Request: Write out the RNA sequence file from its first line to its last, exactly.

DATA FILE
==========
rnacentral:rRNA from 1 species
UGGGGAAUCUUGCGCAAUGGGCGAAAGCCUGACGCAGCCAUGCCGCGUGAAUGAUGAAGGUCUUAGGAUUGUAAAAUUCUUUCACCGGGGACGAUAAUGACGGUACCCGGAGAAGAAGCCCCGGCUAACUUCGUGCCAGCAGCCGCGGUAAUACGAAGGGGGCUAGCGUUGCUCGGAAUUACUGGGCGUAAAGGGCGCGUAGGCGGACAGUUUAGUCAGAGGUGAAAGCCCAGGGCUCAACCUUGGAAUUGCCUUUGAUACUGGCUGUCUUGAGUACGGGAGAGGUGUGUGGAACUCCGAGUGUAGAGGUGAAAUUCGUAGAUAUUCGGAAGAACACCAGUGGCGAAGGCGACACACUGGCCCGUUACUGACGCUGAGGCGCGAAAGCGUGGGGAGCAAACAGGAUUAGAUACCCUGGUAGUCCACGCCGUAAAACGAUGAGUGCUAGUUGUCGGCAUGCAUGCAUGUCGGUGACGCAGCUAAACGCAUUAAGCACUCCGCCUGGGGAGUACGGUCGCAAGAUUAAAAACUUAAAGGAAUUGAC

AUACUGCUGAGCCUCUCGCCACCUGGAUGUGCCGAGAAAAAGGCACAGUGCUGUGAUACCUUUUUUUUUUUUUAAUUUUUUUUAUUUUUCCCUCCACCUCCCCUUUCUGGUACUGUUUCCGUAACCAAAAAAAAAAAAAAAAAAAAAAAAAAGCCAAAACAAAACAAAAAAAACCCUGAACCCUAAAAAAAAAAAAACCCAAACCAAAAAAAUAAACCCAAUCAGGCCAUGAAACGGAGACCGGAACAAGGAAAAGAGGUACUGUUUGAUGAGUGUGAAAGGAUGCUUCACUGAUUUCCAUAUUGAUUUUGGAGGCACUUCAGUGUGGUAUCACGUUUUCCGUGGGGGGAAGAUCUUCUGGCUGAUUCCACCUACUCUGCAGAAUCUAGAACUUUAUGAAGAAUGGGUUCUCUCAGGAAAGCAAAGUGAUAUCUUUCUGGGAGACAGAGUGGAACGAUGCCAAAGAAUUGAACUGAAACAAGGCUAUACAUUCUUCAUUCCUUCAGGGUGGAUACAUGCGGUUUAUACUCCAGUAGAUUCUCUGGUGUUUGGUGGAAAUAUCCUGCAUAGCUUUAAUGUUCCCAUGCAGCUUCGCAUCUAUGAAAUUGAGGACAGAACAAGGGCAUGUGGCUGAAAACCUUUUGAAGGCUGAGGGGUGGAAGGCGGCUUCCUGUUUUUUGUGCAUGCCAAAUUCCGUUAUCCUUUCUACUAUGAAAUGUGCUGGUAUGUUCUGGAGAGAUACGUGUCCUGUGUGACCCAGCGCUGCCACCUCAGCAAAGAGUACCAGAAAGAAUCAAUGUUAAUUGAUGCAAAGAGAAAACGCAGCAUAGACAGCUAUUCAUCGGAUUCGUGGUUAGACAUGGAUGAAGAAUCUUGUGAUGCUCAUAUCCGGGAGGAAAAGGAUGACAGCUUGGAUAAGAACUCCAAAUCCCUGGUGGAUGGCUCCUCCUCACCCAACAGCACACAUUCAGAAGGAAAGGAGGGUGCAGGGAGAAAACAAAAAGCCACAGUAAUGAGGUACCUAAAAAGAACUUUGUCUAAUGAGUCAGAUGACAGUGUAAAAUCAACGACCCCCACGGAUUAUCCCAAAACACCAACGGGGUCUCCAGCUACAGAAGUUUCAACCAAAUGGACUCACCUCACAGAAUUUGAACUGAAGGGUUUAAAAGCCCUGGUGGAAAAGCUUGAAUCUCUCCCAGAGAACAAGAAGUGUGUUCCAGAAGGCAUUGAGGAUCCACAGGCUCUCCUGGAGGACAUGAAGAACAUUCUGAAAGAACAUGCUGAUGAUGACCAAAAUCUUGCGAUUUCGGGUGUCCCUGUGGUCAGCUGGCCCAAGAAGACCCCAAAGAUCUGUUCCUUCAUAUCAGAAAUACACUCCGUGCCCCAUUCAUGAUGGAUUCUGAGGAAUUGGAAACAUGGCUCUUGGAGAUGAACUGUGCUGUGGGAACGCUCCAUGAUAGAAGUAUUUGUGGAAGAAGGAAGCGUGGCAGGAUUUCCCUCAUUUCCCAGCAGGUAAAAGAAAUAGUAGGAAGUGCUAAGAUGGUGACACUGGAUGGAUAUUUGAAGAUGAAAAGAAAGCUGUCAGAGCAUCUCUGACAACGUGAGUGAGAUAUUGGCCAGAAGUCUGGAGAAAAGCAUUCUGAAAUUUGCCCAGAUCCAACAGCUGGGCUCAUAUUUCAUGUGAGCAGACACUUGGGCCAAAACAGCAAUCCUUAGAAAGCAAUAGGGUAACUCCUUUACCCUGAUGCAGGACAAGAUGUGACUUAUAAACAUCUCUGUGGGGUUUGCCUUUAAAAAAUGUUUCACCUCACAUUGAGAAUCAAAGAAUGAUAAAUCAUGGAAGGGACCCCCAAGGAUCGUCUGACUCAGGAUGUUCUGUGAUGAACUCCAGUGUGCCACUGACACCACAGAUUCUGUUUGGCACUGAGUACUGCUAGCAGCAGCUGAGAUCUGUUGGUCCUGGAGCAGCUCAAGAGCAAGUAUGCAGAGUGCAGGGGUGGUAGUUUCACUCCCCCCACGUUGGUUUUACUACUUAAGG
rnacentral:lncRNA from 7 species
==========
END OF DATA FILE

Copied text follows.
rnacentral:rRNA from 1 species
UGGGGAAUCUUGCGCAAUGGGCGAAAGCCUGACGCAGCCAUGCCGCGUGAAUGAUGAAGGUCUUAGGAUUGUAAAAUUCUUUCACCGGGGACGAUAAUGACGGUACCCGGAGAAGAAGCCCCGGCUAACUUCGUGCCAGCAGCCGCGGUAAUACGAAGGGGGCUAGCGUUGCUCGGAAUUACUGGGCGUAAAGGGCGCGUAGGCGGACAGUUUAGUCAGAGGUGAAAGCCCAGGGCUCAACCUUGGAAUUGCCUUUGAUACUGGCUGUCUUGAGUACGGGAGAGGUGUGUGGAACUCCGAGUGUAGAGGUGAAAUUCGUAGAUAUUCGGAAGAACACCAGUGGCGAAGGCGACACACUGGCCCGUUACUGACGCUGAGGCGCGAAAGCGUGGGGAGCAAACAGGAUUAGAUACCCUGGUAGUCCACGCCGUAAAACGAUGAGUGCUAGUUGUCGGCAUGCAUGCAUGUCGGUGACGCAGCUAAACGCAUUAAGCACUCCGCCUGGGGAGUACGGUCGCAAGAUUAAAAACUUAAAGGAAUUGAC

AUACUGCUGAGCCUCUCGCCACCUGGAUGUGCCGAGAAAAAGGCACAGUGCUGUGAUACCUUUUUUUUUUUUUAAUUUUUUUUAUUUUUCCCUCCACCUCCCCUUUCUGGUACUGUUUCCGUAACCAAAAAAAAAAAAAAAAAAAAAAAAAAGCCAAAACAAAACAAAAAAAACCCUGAACCCUAAAAAAAAAAAAACCCAAACCAAAAAAAUAAACCCAAUCAGGCCAUGAAACGGAGACCGGAACAAGGAAAAGAGGUACUGUUUGAUGAGUGUGAAAGGAUGCUUCACUGAUUUCCAUAUUGAUUUUGGAGGCACUUCAGUGUGGUAUCACGUUUUCCGUGGGGGGAAGAUCUUCUGGCUGAUUCCACCUACUCUGCAGAAUCUAGAACUUUAUGAAGAAUGGGUUCUCUCAGGAAAGCAAAGUGAUAUCUUUCUGGGAGACAGAGUGGAACGAUGCCAAAGAAUUGAACUGAAACAAGGCUAUACAUUCUUCAUUCCUUCAGGGUGGAUACAUGCGGUUUAUACUCCAGUAGAUUCUCUGGUGUUUGGUGGAAAUAUCCUGCAUAGCUUUAAUGUUCCCAUGCAGCUUCGCAUCUAUGAAAUUGAGGACAGAACAAGGGCAUGUGGCUGAAAACCUUUUGAAGGCUGAGGGGUGGAAGGCGGCUUCCUGUUUUUUGUGCAUGCCAAAUUCCGUUAUCCUUUCUACUAUGAAAUGUGCUGGUAUGUUCUGGAGAGAUACGUGUCCUGUGUGACCCAGCGCUGCCACCUCAGCAAAGAGUACCAGAAAGAAUCAAUGUUAAUUGAUGCAAAGAGAAAACGCAGCAUAGACAGCUAUUCAUCGGAUUCGUGGUUAGACAUGGAUGAAGAAUCUUGUGAUGCUCAUAUCCGGGAGGAAAAGGAUGACAGCUUGGAUAAGAACUCCAAAUCCCUGGUGGAUGGCUCCUCCUCACCCAACAGCACACAUUCAGAAGGAAAGGAGGGUGCAGGGAGAAAACAAAAAGCCACAGUAAUGAGGUACCUAAAAAGAACUUUGUCUAAUGAGUCAGAUGACAGUGUAAAAUCAACGACCCCCACGGAUUAUCCCAAAACACCAACGGGGUCUCCAGCUACAGAAGUUUCAACCAAAUGGACUCACCUCACAGAAUUUGAACUGAAGGGUUUAAAAGCCCUGGUGGAAAAGCUUGAAUCUCUCCCAGAGAACAAGAAGUGUGUUCCAGAAGGCAUUGAGGAUCCACAGGCUCUCCUGGAGGACAUGAAGAACAUUCUGAAAGAACAUGCUGAUGAUGACCAAAAUCUUGCGAUUUCGGGUGUCCCUGUGGUCAGCUGGCCCAAGAAGACCCCAAAGAUCUGUUCCUUCAUAUCAGAAAUACACUCCGUGCCCCAUUCAUGAUGGAUUCUGAGGAAUUGGAAACAUGGCUCUUGGAGAUGAACUGUGCUGUGGGAACGCUCCAUGAUAGAAGUAUUUGUGGAAGAAGGAAGCGUGGCAGGAUUUCCCUCAUUUCCCAGCAGGUAAAAGAAAUAGUAGGAAGUGCUAAGAUGGUGACACUGGAUGGAUAUUUGAAGAUGAAAAGAAAGCUGUCAGAGCAUCUCUGACAACGUGAGUGAGAUAUUGGCCAGAAGUCUGGAGAAAAGCAUUCUGAAAUUUGCCCAGAUCCAACAGCUGGGCUCAUAUUUCAUGUGAGCAGACACUUGGGCCAAAACAGCAAUCCUUAGAAAGCAAUAGGGUAACUCCUUUACCCUGAUGCAGGACAAGAUGUGACUUAUAAACAUCUCUGUGGGGUUUGCCUUUAAAAAAUGUUUCACCUCACAUUGAGAAUCAAAGAAUGAUAAAUCAUGGAAGGGACCCCCAAGGAUCGUCUGACUCAGGAUGUUCUGUGAUGAACUCCAGUGUGCCACUGACACCACAGAUUCUGUUUGGCACUGAGUACUGCUAGCAGCAGCUGAGAUCUGUUGGUCCUGGAGCAGCUCAAGAGCAAGUAUGCAGAGUGCAGGGGUGGUAGUUUCACUCCCCCCACGUUGGUUUUACUACUUAAGG
rnacentral:lncRNA from 7 species